Stephen Halpin '15L
Stephen Halpin '15L
Who will you be clerking for, and what will your responsibilities be?
In August I will begin as a term clerk for Judge King on the U.S. Court of Appeals for the Fourth Circuit. In general, my responsibilities will encompass whatever I can do to serve the Judge, my fellow clerks, and others in chambers. I expect to perform significant amounts of legal writing and research.
Why are you interested in clerking after graduation?
Having worked as a paralegal for two years prior to enrolling at W&L, I thought it might be beneficial to gain experience outside the law-firm setting during my first summer. I was fortunate enough to land a summer internship with a federal district judge in Washington, D.C., and had a fantastic time in chambers working with the clerks and other interns, observing the Judge on the bench, and hearing his take on effective forms of advocacy. I ultimately hope to focus on litigation, and that first summer opened my eyes to how valuable it is for an advocate to appreciate the perspective of an impartial decision maker when appearing in court. Relatedly, researching and discussing complex questions of law in order to help a judge make difficult decisions with practical consequences strikes me as one of the most challenging and fascinating undertakings a lawyer can experience.
How did you secure this clerkship?
The Clerkship Committee at the law school informed me that Judge King had hired W&L graduates in the past and my mother's family is from Charleston, WV, where the Judge maintains his chambers. I called chambers to ask if the Judge was accepting applications and subsequently submitted my materials.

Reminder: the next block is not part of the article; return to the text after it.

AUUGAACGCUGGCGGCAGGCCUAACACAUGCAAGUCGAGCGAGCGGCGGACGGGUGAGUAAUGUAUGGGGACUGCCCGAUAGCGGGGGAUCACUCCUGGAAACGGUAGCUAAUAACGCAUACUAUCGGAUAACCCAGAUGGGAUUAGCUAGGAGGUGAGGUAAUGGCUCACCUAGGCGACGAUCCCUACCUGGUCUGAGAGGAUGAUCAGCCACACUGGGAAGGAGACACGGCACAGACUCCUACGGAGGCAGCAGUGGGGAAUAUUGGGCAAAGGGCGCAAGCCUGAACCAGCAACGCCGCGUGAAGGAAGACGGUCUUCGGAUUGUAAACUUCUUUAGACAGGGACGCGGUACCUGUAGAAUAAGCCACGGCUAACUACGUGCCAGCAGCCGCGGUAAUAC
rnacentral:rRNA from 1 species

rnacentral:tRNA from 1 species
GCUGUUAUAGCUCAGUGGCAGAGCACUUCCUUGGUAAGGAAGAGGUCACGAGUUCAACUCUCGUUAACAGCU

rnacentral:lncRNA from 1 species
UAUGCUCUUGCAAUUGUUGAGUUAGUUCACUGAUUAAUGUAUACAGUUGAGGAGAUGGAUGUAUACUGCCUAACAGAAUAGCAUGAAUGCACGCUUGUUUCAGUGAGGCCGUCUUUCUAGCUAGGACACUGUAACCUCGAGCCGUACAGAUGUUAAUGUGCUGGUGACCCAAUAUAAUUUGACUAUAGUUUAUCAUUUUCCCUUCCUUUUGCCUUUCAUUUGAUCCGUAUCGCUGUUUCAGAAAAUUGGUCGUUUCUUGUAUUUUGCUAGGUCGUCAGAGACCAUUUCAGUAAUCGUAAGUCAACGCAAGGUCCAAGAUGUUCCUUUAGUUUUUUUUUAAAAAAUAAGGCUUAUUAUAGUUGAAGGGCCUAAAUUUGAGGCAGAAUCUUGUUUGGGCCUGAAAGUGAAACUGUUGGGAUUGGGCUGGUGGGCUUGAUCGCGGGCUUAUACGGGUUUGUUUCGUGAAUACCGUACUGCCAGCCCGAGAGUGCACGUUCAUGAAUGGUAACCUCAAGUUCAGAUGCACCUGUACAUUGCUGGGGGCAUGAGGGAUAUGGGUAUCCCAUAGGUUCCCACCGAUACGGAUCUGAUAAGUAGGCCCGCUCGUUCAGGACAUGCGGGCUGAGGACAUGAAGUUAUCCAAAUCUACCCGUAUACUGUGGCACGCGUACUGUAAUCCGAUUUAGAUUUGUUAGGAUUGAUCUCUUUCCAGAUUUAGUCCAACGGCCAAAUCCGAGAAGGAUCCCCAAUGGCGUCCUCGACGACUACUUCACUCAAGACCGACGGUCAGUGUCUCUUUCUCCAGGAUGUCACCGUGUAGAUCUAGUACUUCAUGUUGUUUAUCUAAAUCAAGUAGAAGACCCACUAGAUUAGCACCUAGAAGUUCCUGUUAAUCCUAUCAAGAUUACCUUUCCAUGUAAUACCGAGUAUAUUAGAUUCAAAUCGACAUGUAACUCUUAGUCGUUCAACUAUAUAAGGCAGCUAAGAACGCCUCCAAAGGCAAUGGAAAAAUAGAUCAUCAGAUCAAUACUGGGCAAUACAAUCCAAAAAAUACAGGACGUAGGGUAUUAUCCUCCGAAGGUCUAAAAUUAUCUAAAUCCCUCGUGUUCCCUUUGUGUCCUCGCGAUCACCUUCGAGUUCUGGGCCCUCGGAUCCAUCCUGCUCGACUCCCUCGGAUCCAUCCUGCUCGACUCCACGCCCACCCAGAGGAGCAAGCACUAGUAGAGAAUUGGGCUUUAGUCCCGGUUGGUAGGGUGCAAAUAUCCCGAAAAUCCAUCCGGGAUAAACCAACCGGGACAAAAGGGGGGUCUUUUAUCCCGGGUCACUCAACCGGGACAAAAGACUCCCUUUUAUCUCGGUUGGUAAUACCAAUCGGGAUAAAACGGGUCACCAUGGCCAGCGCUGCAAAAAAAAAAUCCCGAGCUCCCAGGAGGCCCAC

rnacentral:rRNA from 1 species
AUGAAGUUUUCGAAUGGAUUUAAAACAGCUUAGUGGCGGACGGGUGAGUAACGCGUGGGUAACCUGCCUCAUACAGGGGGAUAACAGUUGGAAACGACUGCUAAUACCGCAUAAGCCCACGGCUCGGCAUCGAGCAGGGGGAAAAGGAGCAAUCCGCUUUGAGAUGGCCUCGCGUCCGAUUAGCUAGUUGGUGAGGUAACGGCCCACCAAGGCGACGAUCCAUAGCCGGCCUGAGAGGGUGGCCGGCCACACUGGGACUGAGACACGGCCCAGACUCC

Which W&L classes and/or experiences do you think were most helpful in preparing you for clerking?
In addition to required courses such as Constitutional Law, I believe electives I took during my second year will prove particularly helpful during my clerkship. Specifically, I completed courses in Federal Jurisdiction & Procedure (frequently known as Federal Courts), Criminal Procedure, and Conflict of Laws. I had incredibly knowledgeable, engaging professors for each, and believe completing these classes will stand me in good stead next year. In terms of experiences, my time on Law Review has been invaluable for developing my writing, editing, and collaborative skills. Additionally, W&L's third-year program has provided a number of enriching opportunities. Since September I have externed for a federal district judge two days a week and in the fall I completed a practicum course on appellate advocacy taught by the current Chief Justice of the Virginia Supreme Court. I think these experiences will help me transition to my clerkship.
How is clerking linked to your career objectives?
Judge King brings tremendous breadth of legal experience to the bench. I am excited to assist him however I can and hopefully forge the kind of special bond that I have heard so many clerks--whether at the trial level, the appellate level, in state or federal court--speak fondly of when discussing their experiences. Wherever my legal career takes me, I am confident the skills I develop and the feedback I receive from Judge King over the course of my clerkship will make me a better lawyer.
What are you most looking forward to about this clerkship position?
I am most looking forward to helping and learning from Judge King and my fellow clerks while grappling with some of the most intricate and nuanced legal questions that arise in our country. For the vast majority of litigants in federal court who cannot resolve their disputes, a circuit court of appeals is their final stop for relief. I look forward to assisting the Judge in ensuring those parties are carefully and thoughtfully heard.